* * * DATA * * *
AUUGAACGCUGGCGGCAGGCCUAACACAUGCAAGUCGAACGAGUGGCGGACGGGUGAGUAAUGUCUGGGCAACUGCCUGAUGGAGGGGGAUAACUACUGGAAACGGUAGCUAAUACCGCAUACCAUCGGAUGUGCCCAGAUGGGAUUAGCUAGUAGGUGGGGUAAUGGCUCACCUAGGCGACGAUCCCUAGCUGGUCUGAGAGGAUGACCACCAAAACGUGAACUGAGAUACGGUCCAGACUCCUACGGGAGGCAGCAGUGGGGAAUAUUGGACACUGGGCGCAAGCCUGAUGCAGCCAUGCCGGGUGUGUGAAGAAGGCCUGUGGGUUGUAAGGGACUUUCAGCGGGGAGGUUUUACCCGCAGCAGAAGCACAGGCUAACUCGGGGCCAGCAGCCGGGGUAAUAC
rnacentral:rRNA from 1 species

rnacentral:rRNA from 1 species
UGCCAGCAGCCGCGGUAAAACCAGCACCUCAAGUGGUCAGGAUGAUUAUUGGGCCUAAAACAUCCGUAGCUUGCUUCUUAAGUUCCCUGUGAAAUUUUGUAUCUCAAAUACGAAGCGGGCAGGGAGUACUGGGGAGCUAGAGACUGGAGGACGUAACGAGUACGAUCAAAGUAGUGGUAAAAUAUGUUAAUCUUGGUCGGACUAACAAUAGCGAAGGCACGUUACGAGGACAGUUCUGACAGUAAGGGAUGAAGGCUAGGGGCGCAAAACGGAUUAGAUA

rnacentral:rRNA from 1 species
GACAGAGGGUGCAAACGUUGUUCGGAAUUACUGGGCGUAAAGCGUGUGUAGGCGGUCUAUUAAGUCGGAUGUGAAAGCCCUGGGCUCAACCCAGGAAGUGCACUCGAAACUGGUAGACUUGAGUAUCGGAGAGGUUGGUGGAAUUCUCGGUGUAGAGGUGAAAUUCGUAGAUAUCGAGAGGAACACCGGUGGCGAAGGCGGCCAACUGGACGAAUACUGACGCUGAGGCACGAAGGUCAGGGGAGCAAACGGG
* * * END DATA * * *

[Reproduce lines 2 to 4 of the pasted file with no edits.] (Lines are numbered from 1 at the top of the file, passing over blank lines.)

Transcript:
rnacentral:rRNA from 1 species

rnacentral:rRNA from 1 species
UGCCAGCAGCCGCGGUAAAACCAGCACCUCAAGUGGUCAGGAUGAUUAUUGGGCCUAAAACAUCCGUAGCUUGCUUCUUAAGUUCCCUGUGAAAUUUUGUAUCUCAAAUACGAAGCGGGCAGGGAGUACUGGGGAGCUAGAGACUGGAGGACGUAACGAGUACGAUCAAAGUAGUGGUAAAAUAUGUUAAUCUUGGUCGGACUAACAAUAGCGAAGGCACGUUACGAGGACAGUUCUGACAGUAAGGGAUGAAGGCUAGGGGCGCAAAACGGAUUAGAUA